We are informed that the President also took time in the same speech, to say how awful the slave trade was. America, with all her talk of "freedom" must have looked like the worst hypocrite imaginable. Thank goodness that problem ended with slavery.

Wednesday, July 8, 2009

The Pope, 1860 edition

Alarming Accident to the Pope

His Holiness, in promenading yesterday on the Corso, met with a sad accident. His foot slipping in a puddle of blood, he fell and broke his head. The accident has been pronounced to be a fracture of the temporal bone.

--From Punch, or The London Charivari--

That was supposed to be a joke, from a publication similar to Mad Magazine, but much more serious and political. Almost every issue piled scorn upon His Holiness.

I suppose this is the price you may have to pay if you insist on mixing your politics and your religion.

Tuesday, July 7, 2009

Home, sweet home; 1796 edition

According to Google Books this was the first mention of the phrase in English:

Sing a sweet melodious measure,
Waft enchanting lays around ;
Home, a theme replete with pleasure,
Home, a grateful theme, resound !


Home, sweet home ! an ample treasure !
Home ! with ev'ry blessing crown'd !
Home ! perpetual source of pleasure !
Home ! a noble strain resound !

--From The Beauties of England and Wales; Volume VI--

This was an English translation of a Latin song, Dolce Domum, sung by students at Winchester College just before they went home for summer. At the time of its translation it was considered to be about 100 years old.

Here is the song being performed.

Monday, July 6, 2009

CD player, 1889 edition

According to the patent, the invention wasn't the entire piano, just an attachment that let you play recordings on it with a crank. Fun times.

Sunday, July 5, 2009

Completely modern, 1823 edition

Mercury and lead, manufactured in various forms, are unhappily too common ingredients in many of our modern cosmetics...

--From A Modern System of Domestic Cookery--

Everyone who has ever lived, has lived in modern times.

Here's some modern music:

It turns out "Home, Sweet Home" is from an opera. The song became a pop hit, and all those needlepoints with the words "Home Sweet Home" on them are actually homemade memorabilia!

Friday, July 3, 2009

Clearasil, 1823 edition

To such females as are determined to make use of cosmetics, instead of attending to the more effectual means to preserve the bloom of the skin, it may be of service to point out one or two external applications, in order to prevent them from resorting to the dangerous and destructive contrivances of quacks.—According to Dr. Withering, a physician of great eminence at Birmingham, an infusion of horse-radish in milk, makes one of the safest and best cosmetics.

To deal with pimples they recommended a mixture of horseradish and milk. Both milk, fresh from a cow, and horseradish have antibacterial properties, so the remedy is at least plausible.


Carefully avoid all immoderate and violent dancing, as the sudden alternations of heat and cold, not only impair the general state of the skin, but are likewise of the greatest detriment to beauty. Abstain from the too frequent and copious use of heating liquors of every kind, particularly punch and strong wines. Avoid, farther, every excess in hot drinks, as coffee, chocolate, tea, particularly the last. Tea taken hot, and in immoderate quantities, not only has a tendency to weaken the organs of digestion, but it causes fluctuations and congestions in the humours of the face, and frequently brings on a degree of debilitating perspiration.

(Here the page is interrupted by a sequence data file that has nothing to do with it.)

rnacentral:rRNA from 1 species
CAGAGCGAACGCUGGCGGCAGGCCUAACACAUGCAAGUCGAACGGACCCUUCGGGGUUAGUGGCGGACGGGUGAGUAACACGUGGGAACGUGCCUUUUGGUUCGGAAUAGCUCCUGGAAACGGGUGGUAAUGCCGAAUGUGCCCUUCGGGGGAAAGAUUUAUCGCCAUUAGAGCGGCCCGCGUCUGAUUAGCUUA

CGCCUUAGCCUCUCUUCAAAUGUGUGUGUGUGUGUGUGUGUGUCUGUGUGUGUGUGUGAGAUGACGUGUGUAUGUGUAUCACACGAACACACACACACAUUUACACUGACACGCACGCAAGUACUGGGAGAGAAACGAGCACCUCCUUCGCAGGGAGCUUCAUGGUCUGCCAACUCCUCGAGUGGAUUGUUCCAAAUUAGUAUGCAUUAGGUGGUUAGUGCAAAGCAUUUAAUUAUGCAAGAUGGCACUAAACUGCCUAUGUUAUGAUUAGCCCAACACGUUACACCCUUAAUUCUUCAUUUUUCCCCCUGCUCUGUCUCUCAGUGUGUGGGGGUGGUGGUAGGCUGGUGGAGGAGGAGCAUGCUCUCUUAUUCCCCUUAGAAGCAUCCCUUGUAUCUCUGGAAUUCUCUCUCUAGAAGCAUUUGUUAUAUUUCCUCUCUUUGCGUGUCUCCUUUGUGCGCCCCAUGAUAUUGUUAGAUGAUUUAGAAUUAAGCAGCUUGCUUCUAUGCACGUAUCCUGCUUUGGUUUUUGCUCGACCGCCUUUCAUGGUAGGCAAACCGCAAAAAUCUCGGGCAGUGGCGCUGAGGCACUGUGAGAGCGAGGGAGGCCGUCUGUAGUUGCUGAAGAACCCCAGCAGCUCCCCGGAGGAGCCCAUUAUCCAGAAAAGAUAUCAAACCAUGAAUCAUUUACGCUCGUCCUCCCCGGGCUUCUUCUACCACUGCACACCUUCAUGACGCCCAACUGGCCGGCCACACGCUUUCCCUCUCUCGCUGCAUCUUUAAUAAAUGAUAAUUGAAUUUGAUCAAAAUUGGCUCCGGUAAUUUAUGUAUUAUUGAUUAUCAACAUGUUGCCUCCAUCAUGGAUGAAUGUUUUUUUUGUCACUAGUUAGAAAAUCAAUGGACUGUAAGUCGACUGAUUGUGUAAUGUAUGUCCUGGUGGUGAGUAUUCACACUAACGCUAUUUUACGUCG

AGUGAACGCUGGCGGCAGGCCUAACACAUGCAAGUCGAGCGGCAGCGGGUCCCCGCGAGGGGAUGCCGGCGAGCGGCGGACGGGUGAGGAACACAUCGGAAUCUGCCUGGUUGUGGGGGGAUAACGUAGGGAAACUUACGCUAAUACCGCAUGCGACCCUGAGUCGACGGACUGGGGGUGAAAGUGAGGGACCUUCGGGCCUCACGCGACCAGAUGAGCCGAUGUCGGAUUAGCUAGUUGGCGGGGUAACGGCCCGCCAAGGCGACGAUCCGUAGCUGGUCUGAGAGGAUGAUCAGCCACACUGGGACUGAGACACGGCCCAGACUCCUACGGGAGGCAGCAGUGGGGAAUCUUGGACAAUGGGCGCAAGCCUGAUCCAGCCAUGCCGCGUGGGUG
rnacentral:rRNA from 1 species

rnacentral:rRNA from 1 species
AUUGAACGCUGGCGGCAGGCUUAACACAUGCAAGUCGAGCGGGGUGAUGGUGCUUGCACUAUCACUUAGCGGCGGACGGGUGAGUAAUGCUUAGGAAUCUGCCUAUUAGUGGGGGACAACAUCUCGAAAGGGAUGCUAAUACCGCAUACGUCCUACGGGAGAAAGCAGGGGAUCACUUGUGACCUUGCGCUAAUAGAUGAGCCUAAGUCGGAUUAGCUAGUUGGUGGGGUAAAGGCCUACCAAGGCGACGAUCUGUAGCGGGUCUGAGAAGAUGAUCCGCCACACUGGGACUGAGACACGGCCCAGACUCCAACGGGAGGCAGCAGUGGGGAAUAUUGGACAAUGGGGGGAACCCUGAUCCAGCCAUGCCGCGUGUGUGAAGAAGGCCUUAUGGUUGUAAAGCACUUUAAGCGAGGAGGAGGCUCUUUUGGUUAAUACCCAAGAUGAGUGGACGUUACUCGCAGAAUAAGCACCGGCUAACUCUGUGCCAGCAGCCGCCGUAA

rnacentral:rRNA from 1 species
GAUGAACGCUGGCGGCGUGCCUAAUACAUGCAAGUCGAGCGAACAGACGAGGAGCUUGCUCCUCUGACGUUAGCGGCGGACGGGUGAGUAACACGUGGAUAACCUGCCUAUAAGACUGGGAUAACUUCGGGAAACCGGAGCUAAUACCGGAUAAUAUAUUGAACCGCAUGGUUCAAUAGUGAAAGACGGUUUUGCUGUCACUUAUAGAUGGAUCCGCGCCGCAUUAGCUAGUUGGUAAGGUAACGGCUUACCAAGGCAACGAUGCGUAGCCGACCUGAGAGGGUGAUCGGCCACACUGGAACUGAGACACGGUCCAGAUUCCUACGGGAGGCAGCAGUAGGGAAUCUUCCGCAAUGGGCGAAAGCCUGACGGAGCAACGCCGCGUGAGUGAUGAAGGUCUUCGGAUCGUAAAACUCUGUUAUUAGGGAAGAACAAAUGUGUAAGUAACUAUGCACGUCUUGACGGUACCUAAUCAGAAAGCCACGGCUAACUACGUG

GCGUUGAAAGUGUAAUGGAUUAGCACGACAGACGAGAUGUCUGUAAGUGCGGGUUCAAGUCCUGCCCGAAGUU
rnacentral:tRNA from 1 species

--From A Modern System of Domestic Cookery--

Thursday, July 2, 2009

Six-pack abs, 1894 edition

They've always gotten attention, and they let you walk around in your underwear. For comparison, here's a crowded beach in 1901. Try counting how many people don't have shirts on:

Wednesday, July 1, 2009

Views on Homosexuality, 1894 edition

We have shown the special functions and really indispensable import of the homogenic or comrade love, in some form, in national life, and it is high time now that the modern States should recognise this in their institutions—instead of (as is also done in schools and places of education) by repression and disallowance perverting the passion into its least satisfactory channels. If the dedication of love were a matter of mere choice or whim, it still would not be the business of the State to compel that choice; but since no amount of compulsion can ever change the homogenic instinct in a person, where it is innate, the State in trying to effect such a change is only kicking vainly against the pricks of its own advantage—and trying, in view perhaps of the conduct of a licentious few, to cripple and damage a respectable and valuable class of its own citizens.

--From the educational pamphlet Homogenic Love--

The author also makes the claim that free societies benefit from homosexuals since they are often unencumbered with children and therefore more likely to stand up to tyrannical behavior.

Here is the Wikipedia entry on the author : Edward Carpenter. He was a gay, nudist, vegetarian who introduced sandals to England and helped found the Fabian Society and the Labour Party. Wow!